Winter Wonderland with a bit of Salsa : A Guest Post by Paty Melendez

(As part of the series: A Monday Morning Guest Post in Multicultural Mothering)

Patricia: I was born in the Dominican Republic to a Dominican mom and Peruvian dad. I left DR when I was six years old and grew up in many countries around the world, mainly in Latin America but also in Africa and Europe. I guess you can describe me as a ‘Citizen of the world’, ‘Third culture kid’ etc. I speak Spanish and English.

I met Øivind at university in the UK, where we now live. He is Norwegian and grew up in Oslo, speaks English and Norwegian, and can defend himself pretty well in Spanish!

We have a little girl called Mia; she is the apple of our eyes, born in August 2010. I don’t speak Norwegian, but I better get my act together soon otherwise Mia and her dad will have a secret language.
Winter Wonderland with a bit of Salsa

As we gear up for the festive season I’ve been thinking about the contrast between Ø’s traditions and mine; and about our cultural references surrounding Christmas. How will Mia take in these differences? Mia’s dad is from a Nordic country and I am from an island in the Caribbean, even though I left when I was very young. Most couples take turns on whose family they spend the holidays with; this means adapting to each others’ traditions; but in multicultural couples it is also about adapting to another’s culture.

This year we will spend Christmas in Norway with Ø’s family. It will be Mia’s first Winter Wonderland Christmas experience. Christmas in Norway is very different to Christmas in the Dominican Republic, or in my family’s home.

Ø’s Norwegian Christmas experience = cold and short days, a tranquil environment, a burning fireplace, carol singing, food, presents and a beautiful snow-white outdoor.

My Christmas experience = food, presents, a big family gathering and lots of dancing; and the setting was wherever we found ourselves!

My experience in Norway has always been very nice, though very calm compared to what I am used to. Despite that, it involves a packed schedule: Christmas Eve at my in-laws, Christmas day at Ø’s aunt’s house, and Boxing Day with some close family friends. In between, there are beautiful walks in the forest and by the stunning, frozen Oslo fjord.

At my family home, we celebrate Christmas Eve with a big dinner and the next couple of days are relaxed, meeting other families (if we are in the Dominican Republic) and friends, informally. In the background there is always music.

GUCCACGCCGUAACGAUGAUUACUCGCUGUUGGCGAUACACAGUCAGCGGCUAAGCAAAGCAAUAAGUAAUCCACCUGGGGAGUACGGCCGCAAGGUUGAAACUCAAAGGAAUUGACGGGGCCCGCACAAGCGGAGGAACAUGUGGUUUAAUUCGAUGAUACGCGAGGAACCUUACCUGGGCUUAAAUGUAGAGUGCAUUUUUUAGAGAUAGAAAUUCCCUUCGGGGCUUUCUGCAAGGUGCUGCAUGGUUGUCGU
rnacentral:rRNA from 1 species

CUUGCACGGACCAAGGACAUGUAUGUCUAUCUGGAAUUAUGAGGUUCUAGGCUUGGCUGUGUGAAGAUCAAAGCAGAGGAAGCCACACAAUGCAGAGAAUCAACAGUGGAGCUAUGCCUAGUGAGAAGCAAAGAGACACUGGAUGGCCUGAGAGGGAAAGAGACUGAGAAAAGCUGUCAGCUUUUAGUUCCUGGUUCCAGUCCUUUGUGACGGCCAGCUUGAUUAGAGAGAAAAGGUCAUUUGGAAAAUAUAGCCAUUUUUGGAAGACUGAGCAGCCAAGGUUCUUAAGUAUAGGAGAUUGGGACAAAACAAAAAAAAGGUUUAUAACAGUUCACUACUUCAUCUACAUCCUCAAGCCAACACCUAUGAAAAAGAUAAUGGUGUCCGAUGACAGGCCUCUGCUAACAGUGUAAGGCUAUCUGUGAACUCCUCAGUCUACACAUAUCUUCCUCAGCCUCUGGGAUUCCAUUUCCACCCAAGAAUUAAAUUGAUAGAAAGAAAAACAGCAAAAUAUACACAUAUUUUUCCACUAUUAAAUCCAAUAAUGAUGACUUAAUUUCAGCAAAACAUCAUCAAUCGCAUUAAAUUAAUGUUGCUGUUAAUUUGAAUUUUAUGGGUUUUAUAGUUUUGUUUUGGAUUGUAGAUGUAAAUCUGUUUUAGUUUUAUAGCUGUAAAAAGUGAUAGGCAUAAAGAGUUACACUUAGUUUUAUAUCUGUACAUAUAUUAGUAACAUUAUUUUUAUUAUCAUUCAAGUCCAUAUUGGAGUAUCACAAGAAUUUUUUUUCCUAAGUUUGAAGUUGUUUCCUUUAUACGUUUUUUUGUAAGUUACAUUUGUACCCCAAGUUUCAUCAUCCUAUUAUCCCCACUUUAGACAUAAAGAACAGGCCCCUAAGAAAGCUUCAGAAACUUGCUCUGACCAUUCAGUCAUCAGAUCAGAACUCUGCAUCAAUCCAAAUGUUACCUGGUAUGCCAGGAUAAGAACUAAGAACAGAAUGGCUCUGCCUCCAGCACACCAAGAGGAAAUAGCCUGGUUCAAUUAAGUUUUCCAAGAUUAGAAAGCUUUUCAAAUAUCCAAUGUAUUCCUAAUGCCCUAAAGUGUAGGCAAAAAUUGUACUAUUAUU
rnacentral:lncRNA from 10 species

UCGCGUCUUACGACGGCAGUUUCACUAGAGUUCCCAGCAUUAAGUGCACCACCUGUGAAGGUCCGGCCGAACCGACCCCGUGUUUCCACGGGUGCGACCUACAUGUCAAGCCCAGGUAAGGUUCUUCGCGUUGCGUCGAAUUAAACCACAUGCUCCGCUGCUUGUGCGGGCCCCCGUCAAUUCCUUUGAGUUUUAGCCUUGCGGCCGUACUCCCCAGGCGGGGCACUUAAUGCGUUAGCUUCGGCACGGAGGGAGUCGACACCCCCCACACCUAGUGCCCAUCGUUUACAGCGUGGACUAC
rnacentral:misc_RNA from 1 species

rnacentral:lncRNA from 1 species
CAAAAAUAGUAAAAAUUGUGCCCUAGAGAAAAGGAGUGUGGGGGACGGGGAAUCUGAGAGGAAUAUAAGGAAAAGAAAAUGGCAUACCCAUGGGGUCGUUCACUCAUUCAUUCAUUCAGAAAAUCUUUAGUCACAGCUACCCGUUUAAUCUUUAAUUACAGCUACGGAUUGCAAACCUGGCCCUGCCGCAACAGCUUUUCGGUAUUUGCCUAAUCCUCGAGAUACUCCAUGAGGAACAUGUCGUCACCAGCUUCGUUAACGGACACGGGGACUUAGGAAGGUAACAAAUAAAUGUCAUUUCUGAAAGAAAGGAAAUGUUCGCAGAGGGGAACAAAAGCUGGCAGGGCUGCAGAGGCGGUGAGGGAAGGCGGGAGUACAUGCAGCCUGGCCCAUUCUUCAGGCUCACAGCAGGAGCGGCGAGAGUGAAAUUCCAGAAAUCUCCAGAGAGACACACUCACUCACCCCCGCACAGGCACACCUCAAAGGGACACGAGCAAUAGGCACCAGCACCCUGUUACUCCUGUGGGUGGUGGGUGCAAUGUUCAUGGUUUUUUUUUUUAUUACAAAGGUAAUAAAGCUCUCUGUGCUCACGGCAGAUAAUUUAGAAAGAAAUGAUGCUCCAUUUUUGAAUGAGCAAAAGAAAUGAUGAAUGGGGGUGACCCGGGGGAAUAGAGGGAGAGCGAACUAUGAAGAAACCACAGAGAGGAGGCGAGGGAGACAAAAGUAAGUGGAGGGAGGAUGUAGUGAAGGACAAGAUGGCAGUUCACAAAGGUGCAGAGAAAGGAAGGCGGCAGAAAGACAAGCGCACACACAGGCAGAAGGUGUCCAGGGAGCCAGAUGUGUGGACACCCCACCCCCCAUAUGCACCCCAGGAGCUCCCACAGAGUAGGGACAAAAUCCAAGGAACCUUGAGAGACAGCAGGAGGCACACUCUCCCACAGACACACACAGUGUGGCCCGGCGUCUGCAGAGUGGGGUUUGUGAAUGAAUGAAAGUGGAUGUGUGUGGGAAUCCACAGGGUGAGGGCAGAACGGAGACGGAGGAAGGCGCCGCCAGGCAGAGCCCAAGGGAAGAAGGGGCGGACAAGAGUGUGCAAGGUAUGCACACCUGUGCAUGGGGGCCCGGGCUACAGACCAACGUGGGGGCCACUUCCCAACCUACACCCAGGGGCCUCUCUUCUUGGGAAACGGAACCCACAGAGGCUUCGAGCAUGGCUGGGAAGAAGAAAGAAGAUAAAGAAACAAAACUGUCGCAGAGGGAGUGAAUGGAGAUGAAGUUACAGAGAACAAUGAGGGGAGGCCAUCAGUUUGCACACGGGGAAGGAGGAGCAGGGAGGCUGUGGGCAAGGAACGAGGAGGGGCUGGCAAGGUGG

What traditions will Mia absorb? I realize that of course I cannot choose what things Mia will enjoy the most; we can only expose her to the things that make us happy in the holiday season. Having the Christmas tree up on December 1st marks the start of the festive season for me. For Ø the tree goes up a couple of days before Christmas. I could go down a list of all the things that we grew up with, from celebrating advent, the spiritual meaning of Christmas, Santa or no Santa, to the Three Kings day.

The truth is that I would love for Mia to just take in the best of both worlds – enjoy the traditional picture perfect white Norwegian Christmas with the warmth, and lively togetherness of my family celebrations. White Christmas with a bit of salsa!

Being far away from our families means that during the festive season we travel back to see them, but I guess that as time goes by there comes a point when we will start to create our own traditions in the place we call home, even if this place keeps changing!

How do you combine your family celebrations? And how do you do it if you and your partner grew up celebrating different holidays?

Best wishes wherever you all are during this festive season and Happy New Year!!

Father Who? Oh! You Mean Papa Noel.

I used to get two presents from my parents on the 25th of December, one for Christmas, and one for my birthday. I don’t remember if I was bothered that my brothers, in fact, that MANY people get presents on MY birthday.